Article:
A First Amendment Case By Ian Wilson LL.B

     Marc Randazza , a Las Vegas-based lawyer who  specialises  in free-speech cases, is representing the publisher of a leading neo-Nazi website, Andrew Anglin. Anglin is being  sued for allegedly  orchestrating an anti-Semitic online trolling campaign against a Montana Jewish  family. The mainstream press give no reason for why he chose this particular family to “harass,” but his website gives his point of view. I should add that I do not support the Anglin site, and what he represents, and see  many of his articles as alarming and fanatical. But, as a free speech advocate I still have an interest in the case, which raises fascinating points of law.

     According to Mr Randazza:
“Everybody deserves to have their constitutional rights defended… Nobody needs the First Amendment to protect Mr. Rogers. That’s not what it’s there for.”
See: http://www.timesofisrael.com/first-amendment-lawyer-defending-neo-nazi-website-publisher/; https://www.nytimes.com/aponline/2017/06/09/us/ap-us-internet-trolling-lawsuit.html?_r=0.
The point is that real free speech laws protect unpopular speech.

     The plaintiff is represented by attorneys from the Alabama-based Southern Poverty Law Center. The suit accuses Anglin of invading the plaintiff’s privacy, intentionally inflicting “emotional distress” and violating a Montana anti-intimidation law. The Act in question is the Montana Anti-Intimidation Act (1996), which allows individuals or organisations to bring a lawsuit against persons engaging in unlawful threats and/or intimidation that cause injury or harm.

     The Act explicitly prohibits the filing of “non-consensual common-law liens,” defined as claims against real or personal property that are not allowed by state or federal law, not consented to by the property owner, not imposed by a court, or not commonly used in commercial transactions. The property law issues do not appear to be relevant to the case. The legal problem here, which the defence will no doubt raise, is that this Act is directed against agents who engage in the unlawful threats and/or intimidation. The defence will argue that this did not occur, while I expect the plaintiff to argue that the indirect actions of Anglin did meet the threshold of threats and intimidation. That is certainly interesting legal material and well worth the US $153,526 plus  (at 4.03 pm June 11, 2017) that Anglin will spend to find out the result.  I, for one, can hardly wait for this case, and it is a good investment in free speech.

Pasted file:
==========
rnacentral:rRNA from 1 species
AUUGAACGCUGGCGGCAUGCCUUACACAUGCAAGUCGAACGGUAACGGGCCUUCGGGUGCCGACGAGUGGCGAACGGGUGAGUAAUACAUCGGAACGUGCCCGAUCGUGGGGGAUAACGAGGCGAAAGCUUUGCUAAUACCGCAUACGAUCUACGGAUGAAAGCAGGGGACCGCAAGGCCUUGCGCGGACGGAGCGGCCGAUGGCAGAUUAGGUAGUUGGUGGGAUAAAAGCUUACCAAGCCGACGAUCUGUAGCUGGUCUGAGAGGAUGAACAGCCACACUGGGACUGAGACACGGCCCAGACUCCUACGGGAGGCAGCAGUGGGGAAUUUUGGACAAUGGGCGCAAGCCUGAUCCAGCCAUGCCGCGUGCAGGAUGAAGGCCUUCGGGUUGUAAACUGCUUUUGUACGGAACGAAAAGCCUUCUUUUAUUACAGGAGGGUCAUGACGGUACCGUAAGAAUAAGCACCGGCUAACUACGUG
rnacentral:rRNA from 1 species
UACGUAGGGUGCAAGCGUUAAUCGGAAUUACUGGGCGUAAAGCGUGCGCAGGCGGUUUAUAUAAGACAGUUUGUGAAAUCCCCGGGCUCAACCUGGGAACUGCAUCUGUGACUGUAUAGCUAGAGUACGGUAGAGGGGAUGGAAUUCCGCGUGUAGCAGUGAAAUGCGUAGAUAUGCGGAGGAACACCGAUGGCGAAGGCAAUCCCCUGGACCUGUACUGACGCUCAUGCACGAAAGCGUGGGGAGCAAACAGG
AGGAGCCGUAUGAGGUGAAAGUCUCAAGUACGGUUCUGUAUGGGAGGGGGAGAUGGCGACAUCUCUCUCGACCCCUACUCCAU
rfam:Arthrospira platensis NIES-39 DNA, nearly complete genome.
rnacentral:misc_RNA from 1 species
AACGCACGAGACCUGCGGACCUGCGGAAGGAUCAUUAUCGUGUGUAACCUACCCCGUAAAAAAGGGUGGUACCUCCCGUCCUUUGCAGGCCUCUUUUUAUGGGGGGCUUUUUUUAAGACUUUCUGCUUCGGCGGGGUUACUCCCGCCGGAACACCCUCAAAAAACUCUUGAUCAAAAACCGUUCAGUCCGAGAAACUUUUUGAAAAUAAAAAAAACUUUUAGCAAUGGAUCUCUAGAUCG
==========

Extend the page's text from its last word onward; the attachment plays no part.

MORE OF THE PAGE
Thus, the legal issues in the case are of relevance to free speech jurisprudence, since Anglin allegedly did not directly engage in sending messages to the plaintiff.  If the plaintiff is successful the case will set a precedence for anyone running a website or conventional publishing system, that they may become responsible for the actions of people reading the material at the site. Imagine social creditors being held responsible for some group of radicals, who decided to deal with banks and financial institutions in the way it was dealt with in this movie: https://www.youtube.com/watch?v=LTnPjHh8fZ0. It may happen.

     I believe  that the violence at Leftist websites, as well as many ethnic and religious ones, will be ignored, and only the communications of whites from the Right will be punished. After all, we have seen that there is a very selective use of section 18 C in this country, where radical Islamism sites are seldom addressed, with the section basically being used to keep Anglos in line until they are demographically annihilated, happy that there race and all its history disappears forever: https://www.bloomberg.com/view/articles/2015-05-19/whites-surprisingly-chill-about-becoming-minority.



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Thursday, 22 October 2020
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